Statewide College Readiness Campaign Urges Students to "Think Again" About College- Massachusetts Department of Elementary and Secondary Education
|For Immediate Release|
|Tuesday, January 9, 2007|
|Contact:||Heidi Guarino 781-338-3106; Eileen O'Connor 617-994-6903|
Statewide College Readiness Campaign Urges Students to "Think Again" About College
BOSTON - As part of a sweeping effort to increase college readiness, the state has launched its first-ever ad campaign designed to urge teens to "think again" about their futures, finish high school and go to college.
The multi-media outreach campaign, managed jointly by the Department of Education and Board of Higher Education, is being funded by a 2-year, $2 million grant the state received from the National Governor’s Association. The ads feature students from the Boston Arts Academy, and were developed and created by Buyer Advertising of Newton.
The ads pose a simple question: "Think college isn't for you? Think Again."
"Too often students write off college because they think they won't get in, can't afford it, or just don't want to go," said Education Commissioner David P. Driscoll. "But in today's economy, our students can't afford to skip college if they want to succeed. We need to change the mindset so that college becomes a given, not a question."
The campaign officially launched the week of January 1, and will continue through April. Television ads will run on FOX25, and cable networks in Springfield and Holyoke. Radio ads will air on JAMN-94.5 FM and other hip hop/pop radio stations throughout Massachusetts. Cinema ads will run in three theaters on the South Shore and Cape Cod, and transit ads will appear on the sides of buses -- 65 in Boston, and 60 in Springfield. "Think Again" fliers and posters will be distributed to all public high schools in Massachusetts over the coming weeks, as well as to various partner organizations for use in college fairs and college access marketing events.
The ads aim to drive visitors to www.readysetgotocollege.com, a new website designed to provide simple, specific steps, guidance and tools to help students understand what they need to do to graduate high school, get into the right college and succeed. The website contains multiple links to additional local and national resources.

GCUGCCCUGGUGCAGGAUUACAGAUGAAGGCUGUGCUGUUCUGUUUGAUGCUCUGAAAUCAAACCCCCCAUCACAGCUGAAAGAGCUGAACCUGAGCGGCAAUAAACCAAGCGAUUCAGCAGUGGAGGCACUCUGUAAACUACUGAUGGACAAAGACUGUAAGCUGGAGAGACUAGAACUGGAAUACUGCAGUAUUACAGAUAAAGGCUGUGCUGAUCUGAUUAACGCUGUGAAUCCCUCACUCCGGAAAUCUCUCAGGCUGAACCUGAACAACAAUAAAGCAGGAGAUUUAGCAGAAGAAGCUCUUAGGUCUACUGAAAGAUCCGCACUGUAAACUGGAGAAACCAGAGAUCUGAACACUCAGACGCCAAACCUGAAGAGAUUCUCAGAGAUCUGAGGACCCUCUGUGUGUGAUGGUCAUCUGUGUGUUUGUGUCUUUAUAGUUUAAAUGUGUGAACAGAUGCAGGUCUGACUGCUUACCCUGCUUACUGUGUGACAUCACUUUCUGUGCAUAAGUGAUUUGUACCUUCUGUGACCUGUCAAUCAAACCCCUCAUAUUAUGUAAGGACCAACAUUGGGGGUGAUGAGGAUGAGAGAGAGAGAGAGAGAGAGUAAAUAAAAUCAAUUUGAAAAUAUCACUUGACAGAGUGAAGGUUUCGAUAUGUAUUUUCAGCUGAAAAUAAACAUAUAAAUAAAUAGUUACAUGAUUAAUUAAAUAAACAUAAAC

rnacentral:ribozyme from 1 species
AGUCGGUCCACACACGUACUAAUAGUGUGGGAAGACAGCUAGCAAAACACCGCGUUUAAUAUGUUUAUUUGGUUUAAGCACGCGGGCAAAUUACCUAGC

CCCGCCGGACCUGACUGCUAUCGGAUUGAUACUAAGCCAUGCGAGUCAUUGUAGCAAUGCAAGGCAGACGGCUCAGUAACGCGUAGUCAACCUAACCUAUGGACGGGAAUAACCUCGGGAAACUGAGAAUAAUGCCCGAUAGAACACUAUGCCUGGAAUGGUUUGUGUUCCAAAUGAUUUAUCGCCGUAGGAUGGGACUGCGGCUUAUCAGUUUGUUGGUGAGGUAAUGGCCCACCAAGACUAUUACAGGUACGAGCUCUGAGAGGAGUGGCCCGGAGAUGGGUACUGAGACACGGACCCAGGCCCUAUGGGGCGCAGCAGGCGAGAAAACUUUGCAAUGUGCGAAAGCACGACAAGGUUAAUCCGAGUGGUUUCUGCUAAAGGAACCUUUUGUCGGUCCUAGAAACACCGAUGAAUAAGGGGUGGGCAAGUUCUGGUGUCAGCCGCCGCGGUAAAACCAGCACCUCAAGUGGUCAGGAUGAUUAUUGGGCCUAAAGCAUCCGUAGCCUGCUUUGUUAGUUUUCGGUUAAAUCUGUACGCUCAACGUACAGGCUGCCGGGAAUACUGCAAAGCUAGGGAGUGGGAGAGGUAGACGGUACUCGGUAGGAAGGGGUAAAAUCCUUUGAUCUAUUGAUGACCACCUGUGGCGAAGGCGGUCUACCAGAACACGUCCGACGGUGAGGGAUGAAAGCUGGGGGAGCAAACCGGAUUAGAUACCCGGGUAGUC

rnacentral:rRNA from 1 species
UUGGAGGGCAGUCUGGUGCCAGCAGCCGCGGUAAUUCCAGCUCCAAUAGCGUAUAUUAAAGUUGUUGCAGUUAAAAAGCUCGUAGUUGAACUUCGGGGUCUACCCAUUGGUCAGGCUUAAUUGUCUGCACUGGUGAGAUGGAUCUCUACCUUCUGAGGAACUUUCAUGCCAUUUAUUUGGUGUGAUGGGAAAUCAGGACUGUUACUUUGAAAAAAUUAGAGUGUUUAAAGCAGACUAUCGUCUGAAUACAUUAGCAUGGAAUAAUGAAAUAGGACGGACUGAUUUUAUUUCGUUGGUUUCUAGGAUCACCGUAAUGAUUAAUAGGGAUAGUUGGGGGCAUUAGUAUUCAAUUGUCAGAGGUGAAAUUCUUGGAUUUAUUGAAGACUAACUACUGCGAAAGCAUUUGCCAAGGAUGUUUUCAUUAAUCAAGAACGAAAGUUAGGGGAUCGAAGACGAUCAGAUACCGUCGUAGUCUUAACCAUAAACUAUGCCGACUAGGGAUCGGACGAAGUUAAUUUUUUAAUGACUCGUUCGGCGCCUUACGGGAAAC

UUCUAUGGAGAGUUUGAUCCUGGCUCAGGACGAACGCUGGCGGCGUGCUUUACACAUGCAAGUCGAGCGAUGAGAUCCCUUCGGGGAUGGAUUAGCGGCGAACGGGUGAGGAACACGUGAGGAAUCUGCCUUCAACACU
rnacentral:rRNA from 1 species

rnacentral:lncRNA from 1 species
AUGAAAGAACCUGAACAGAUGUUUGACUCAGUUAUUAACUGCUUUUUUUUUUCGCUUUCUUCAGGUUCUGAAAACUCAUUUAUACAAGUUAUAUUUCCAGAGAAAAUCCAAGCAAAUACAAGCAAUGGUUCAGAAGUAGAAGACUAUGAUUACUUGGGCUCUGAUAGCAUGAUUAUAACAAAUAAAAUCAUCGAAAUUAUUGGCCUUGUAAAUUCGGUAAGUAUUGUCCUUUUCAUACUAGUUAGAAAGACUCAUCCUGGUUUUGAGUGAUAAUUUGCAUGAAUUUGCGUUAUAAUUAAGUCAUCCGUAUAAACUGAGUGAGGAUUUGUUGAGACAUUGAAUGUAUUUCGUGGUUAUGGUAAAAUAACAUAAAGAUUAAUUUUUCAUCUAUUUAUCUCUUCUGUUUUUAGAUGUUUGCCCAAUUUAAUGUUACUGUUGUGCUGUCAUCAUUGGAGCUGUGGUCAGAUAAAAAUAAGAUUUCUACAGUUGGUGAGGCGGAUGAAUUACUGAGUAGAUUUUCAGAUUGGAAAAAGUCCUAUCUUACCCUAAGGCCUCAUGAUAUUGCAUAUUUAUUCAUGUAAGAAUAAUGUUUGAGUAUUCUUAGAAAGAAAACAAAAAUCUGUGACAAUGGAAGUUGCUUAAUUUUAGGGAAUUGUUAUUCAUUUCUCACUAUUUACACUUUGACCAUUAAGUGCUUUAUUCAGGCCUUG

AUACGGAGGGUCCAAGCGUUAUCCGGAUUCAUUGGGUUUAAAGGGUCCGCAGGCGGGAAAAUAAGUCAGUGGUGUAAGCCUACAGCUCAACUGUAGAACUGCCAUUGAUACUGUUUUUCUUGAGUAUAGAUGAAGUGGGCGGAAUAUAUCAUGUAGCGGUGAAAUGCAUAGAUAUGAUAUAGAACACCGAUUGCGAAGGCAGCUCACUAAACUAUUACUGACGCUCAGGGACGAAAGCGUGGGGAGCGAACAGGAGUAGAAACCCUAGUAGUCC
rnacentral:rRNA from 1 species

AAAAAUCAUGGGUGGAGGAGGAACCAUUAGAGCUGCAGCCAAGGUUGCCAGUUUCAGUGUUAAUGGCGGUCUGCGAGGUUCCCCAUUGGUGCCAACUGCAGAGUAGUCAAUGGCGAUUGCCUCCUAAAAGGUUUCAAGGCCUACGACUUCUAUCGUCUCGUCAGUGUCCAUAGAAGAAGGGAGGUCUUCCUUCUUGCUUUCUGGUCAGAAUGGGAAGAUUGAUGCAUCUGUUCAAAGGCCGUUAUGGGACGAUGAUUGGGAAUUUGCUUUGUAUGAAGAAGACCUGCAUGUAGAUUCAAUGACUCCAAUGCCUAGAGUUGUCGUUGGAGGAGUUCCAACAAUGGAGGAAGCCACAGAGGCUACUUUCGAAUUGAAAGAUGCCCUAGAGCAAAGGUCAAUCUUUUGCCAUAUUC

"The students of today are the workforce of tomorrow," said Patricia Plummer, Chancellor of the Massachusetts Board of Higher Education. "It is incumbent upon us to encourage all kids - particularly those who face cultural or economic barriers - to pursue higher education, and to succeed in college and beyond."
In 2004, Massachusetts was named one of 10 "honor" states by the National Governors Association, and received a 2-year, $2 million grant to improve high school graduation rates and increase college readiness.
The Board of Higher Education and Department of Education have been working collaboratively for more than a year on this effort, which has been focused on three key objectives:
- Restore the value of the high school diploma;
- Close the achievement gap;
- Use data to hold ourselves accountable.
A portion of the NGA grant funds was set aside to create an outreach campaign designed to generate public support around the need for greater college readiness, and to help get kids ready for college and careers. The media buy will take the campaign through April 2007. The BHE and DOE are currently seeking funding partners to freshen up and extend the campaign beyond this time. The January launch of "Think Again" will coincide with the launch of a national and statewide college readiness campaign from the Ad Council expected to begin appearing in Massachusetts in late January.